This 2nd century Roman fort was once a large center of fortification near Hadrian’s Wall, but now the isolated site has been abandoned since the 4th century, the secrets beneath its earthern walls only excavated by the moles that live in its grounds.
It’s speculated that the fort was built as a defense for the nearby silver and lead mines, and although it is now part of a private farm, there are efforts to turn it into a tourist destination. As a designated Scheduled Ancient Monument, it is unable to be excavated, but the laws of humans don’t extend to moles. These moles, which each can dig around 60 feet of tunnels a day, push shards of pottery, beads, and other artifacts to the surface, which are collected by volunteers in an annual molehill survey.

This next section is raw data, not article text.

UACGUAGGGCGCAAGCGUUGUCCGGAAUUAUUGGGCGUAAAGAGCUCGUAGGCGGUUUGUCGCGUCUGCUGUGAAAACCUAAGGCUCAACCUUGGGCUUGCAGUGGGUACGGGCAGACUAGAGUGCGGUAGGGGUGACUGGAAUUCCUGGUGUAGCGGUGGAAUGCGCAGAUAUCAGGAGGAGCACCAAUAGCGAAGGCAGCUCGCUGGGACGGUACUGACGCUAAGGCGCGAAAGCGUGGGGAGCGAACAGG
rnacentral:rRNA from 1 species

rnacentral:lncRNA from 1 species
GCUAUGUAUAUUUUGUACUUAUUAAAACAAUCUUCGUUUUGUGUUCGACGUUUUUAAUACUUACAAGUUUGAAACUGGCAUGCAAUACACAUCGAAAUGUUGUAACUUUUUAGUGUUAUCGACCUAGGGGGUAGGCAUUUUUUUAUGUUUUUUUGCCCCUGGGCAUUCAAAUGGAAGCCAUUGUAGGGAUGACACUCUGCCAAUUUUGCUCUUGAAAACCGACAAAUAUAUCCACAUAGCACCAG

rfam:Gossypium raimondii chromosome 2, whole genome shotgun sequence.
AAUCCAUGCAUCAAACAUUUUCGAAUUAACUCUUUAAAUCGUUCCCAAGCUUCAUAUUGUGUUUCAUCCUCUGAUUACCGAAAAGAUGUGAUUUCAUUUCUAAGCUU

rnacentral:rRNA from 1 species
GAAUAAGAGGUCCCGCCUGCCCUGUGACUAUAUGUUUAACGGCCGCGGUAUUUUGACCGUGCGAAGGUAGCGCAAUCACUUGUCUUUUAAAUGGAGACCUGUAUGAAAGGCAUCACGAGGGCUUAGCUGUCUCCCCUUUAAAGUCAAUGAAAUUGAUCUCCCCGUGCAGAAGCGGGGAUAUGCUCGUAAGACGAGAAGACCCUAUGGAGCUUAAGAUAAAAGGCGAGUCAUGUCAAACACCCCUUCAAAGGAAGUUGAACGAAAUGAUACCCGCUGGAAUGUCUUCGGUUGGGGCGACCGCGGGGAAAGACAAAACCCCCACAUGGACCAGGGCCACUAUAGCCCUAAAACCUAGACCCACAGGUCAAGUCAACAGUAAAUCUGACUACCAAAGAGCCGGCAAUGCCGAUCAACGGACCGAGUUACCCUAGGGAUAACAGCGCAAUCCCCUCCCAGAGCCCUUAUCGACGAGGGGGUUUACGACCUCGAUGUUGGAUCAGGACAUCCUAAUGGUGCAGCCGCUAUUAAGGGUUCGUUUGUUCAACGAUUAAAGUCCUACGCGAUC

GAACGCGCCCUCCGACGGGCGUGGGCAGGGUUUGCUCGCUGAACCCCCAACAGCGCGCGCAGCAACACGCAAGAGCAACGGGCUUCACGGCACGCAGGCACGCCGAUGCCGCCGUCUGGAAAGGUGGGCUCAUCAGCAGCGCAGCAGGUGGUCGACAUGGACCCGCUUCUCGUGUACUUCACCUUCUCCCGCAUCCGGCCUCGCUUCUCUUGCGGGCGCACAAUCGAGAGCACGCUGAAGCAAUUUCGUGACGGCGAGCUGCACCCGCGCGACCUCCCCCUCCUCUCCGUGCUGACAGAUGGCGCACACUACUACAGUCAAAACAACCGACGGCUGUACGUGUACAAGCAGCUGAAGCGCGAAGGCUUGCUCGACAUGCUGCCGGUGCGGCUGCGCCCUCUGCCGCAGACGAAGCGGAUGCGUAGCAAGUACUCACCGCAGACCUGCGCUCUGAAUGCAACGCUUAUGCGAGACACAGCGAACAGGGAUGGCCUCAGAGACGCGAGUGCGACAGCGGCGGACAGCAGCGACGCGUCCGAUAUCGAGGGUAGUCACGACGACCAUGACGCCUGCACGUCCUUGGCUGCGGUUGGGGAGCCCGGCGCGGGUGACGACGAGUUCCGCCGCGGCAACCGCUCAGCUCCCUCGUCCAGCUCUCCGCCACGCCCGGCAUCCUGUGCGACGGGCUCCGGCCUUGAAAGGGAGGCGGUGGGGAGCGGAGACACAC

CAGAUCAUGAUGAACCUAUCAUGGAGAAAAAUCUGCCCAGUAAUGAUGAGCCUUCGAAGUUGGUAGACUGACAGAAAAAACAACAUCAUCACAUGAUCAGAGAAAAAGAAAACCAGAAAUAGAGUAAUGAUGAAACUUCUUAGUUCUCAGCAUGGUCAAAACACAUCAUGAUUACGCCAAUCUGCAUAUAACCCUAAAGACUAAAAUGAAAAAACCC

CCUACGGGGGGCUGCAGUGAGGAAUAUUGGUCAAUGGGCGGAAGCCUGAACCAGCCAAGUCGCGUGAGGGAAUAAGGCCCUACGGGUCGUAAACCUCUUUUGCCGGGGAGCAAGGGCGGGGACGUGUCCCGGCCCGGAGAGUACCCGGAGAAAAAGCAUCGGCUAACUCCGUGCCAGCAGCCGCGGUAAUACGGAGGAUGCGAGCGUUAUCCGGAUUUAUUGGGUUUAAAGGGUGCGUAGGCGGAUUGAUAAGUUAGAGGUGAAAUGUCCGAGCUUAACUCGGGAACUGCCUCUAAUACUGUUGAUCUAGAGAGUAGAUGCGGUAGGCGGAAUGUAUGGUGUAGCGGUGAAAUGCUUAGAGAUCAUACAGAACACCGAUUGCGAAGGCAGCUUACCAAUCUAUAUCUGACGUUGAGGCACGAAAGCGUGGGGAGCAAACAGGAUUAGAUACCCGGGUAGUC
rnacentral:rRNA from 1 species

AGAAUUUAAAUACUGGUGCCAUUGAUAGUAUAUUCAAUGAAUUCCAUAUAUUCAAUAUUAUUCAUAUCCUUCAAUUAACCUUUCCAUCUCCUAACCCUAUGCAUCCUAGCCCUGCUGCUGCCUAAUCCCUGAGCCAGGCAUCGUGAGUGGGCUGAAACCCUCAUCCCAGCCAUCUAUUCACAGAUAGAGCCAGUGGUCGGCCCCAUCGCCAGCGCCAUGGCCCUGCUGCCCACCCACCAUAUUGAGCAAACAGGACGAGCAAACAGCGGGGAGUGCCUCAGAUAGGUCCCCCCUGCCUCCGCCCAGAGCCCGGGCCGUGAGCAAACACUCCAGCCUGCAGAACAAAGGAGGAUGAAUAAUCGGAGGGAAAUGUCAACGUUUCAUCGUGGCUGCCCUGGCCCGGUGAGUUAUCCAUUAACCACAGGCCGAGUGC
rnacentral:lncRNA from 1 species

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London Science Weekend: Medicine and Science in the Press
Join New York Times Journeys and Atlas Obscura for three days of scientific learning, special access and exploration in London. Accompanied by Times journalists and scientific experts, meet people contributing to the history of medicine and scientific journalism. This two-track program includes panels, exclusive visits and access to some of the best scientific minds available to concentrate on science reporting or medical history.